William J. McIver, Jr. and Roger King. (1994). Self-Adaptive, On-Line Reclustering of Complex Object Data. Proceedings of the 1994 ACM SIGMOD International Conference on Management of Data. Minneapolis, Minnesota, May 24-27, 1994. 407-418.

Talks

The goFred X event on Dec 8th [http://gofredx.ca/].


Recent research projects

Intelligent City (2005 – present): This is my ongoing, foundational research program within the National Research Council – Institute for Information Technology (NRC-IIT). Its objective is to develop innovative solutions to life-critical, community issues.

Transit Info (2008 – 2010): I lead the design and development of a comprehensive set of Web services for public transit riders and administrators, including dynamic arrival time prediction algorithms and next stop announcement and display services for accessibility. This project was a collaboration with Red Ball Internet of Moncton, New Brunswick, which has licensed and commercialized the technology under the names Trax and BusCatcher. This project won the 2010 KIRA Award forTechnological Advancement/Innovation – Private Sector.

Peer-Generated Video (2008 – 2010): We define peer-generated video as technology that enables average computer users who are not experts in video production to create, publish, and communicate in the video medium using commodity hardware and software. I lead the design of several prototype applications for for the healthcare and educational domains, including electronic health records, remote therapy, and various modes of patient-clinician communication.

Health care technology (2007 – 2011): I have been a collaborator on research projects developing or evaluating technologies for a number of use cases involving patient Portal Technologies to support home-based physiotherapy patient triage, evaluation of technologies for treating operational stress injuries, and video conferencing in health care contexts.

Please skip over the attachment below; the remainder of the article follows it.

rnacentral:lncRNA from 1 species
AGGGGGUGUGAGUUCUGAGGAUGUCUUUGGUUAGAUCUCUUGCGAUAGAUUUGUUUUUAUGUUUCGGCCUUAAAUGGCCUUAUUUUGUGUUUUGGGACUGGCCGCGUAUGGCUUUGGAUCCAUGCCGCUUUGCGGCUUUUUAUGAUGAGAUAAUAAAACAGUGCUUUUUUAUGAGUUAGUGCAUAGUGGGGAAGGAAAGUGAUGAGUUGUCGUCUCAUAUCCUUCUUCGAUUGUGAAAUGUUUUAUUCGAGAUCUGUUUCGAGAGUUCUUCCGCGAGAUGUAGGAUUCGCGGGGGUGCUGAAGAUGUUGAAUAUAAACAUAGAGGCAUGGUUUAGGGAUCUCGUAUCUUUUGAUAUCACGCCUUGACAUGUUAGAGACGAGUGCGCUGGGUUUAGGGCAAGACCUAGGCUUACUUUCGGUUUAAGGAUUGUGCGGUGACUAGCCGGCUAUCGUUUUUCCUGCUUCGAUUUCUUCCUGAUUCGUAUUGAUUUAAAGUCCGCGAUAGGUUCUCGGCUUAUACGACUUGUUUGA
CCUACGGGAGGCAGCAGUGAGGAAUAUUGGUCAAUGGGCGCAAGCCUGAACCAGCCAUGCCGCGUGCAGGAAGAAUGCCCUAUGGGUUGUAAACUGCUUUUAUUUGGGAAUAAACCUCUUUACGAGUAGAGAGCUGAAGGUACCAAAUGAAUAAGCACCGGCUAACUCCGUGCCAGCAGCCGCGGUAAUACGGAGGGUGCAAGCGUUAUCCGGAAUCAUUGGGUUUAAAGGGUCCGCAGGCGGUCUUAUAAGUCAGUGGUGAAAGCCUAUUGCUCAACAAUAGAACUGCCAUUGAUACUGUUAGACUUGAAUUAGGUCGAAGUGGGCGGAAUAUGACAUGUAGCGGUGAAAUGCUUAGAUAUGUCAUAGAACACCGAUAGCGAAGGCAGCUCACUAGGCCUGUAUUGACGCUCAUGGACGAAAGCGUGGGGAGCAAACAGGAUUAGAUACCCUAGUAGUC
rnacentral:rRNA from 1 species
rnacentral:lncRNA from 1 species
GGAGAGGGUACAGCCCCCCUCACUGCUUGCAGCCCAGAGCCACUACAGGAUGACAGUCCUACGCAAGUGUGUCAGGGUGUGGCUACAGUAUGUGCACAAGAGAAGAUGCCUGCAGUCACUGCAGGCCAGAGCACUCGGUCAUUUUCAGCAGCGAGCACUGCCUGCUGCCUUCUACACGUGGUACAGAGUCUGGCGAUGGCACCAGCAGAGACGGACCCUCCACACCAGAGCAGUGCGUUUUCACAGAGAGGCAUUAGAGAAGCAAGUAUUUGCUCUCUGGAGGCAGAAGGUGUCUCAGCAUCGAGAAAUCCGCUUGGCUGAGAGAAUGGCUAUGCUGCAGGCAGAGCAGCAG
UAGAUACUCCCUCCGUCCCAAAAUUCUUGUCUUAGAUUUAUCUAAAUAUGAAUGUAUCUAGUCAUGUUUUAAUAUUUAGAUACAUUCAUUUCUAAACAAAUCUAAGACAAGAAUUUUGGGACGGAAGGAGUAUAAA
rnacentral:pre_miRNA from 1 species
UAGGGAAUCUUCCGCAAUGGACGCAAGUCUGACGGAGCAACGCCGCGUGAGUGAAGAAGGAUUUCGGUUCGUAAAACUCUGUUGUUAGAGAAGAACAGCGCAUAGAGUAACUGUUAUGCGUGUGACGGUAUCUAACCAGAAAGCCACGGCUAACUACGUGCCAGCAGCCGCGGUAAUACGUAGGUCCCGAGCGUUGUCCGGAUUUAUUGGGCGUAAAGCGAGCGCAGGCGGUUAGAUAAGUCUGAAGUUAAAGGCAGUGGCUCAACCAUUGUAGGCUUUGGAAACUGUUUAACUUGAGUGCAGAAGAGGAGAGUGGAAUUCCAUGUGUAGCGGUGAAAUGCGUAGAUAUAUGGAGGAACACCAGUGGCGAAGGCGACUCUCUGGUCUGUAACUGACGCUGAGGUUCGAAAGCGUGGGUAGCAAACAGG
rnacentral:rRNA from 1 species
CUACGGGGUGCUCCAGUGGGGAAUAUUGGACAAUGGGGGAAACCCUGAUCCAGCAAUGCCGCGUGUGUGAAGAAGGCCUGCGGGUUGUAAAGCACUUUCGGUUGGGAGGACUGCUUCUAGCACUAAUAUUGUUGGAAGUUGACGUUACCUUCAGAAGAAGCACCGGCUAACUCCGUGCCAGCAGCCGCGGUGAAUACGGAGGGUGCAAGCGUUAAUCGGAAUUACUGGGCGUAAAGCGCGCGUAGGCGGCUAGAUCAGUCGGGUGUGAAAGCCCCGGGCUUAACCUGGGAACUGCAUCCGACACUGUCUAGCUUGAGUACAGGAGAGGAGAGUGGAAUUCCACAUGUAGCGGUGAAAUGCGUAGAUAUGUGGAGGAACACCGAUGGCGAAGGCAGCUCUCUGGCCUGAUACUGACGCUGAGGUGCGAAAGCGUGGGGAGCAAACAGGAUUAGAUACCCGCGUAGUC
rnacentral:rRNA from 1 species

Development Informatics (2008 – present): I participated in the 2008 International Development Design Summit (IDDS 2008) at the Massachusetts Institute of Technology as a member of the Educational Television Computer project team. I continue to work on projects motivated by IDDS 2008, including the design of a development-oriented course in computer science and delivery of open educational content to developing countries.

Communication Rights and the Right to Communicate Project (2005 – 2010): This project investigated the state of the art of Canadian citizens’ rights with respect to media, the Internet, access to information and communication technologies, copyright, and privacy. This project was funded by the Social Sciences and Humanities Research Council (SSHRC) and the Law Commission of Canada. This project resulted in the book Media Divides: Communication Rights and the Right to Communicate in Canada (UBC Press, 2010). I contributed a chapter on Internet technologies.

E-Government (2000 – 2008): I carried out a research agenda in e-government, including problems in computer science, human factors, and policy, resulting in a co-edited special issue of IEEE Computer and a co-edited book.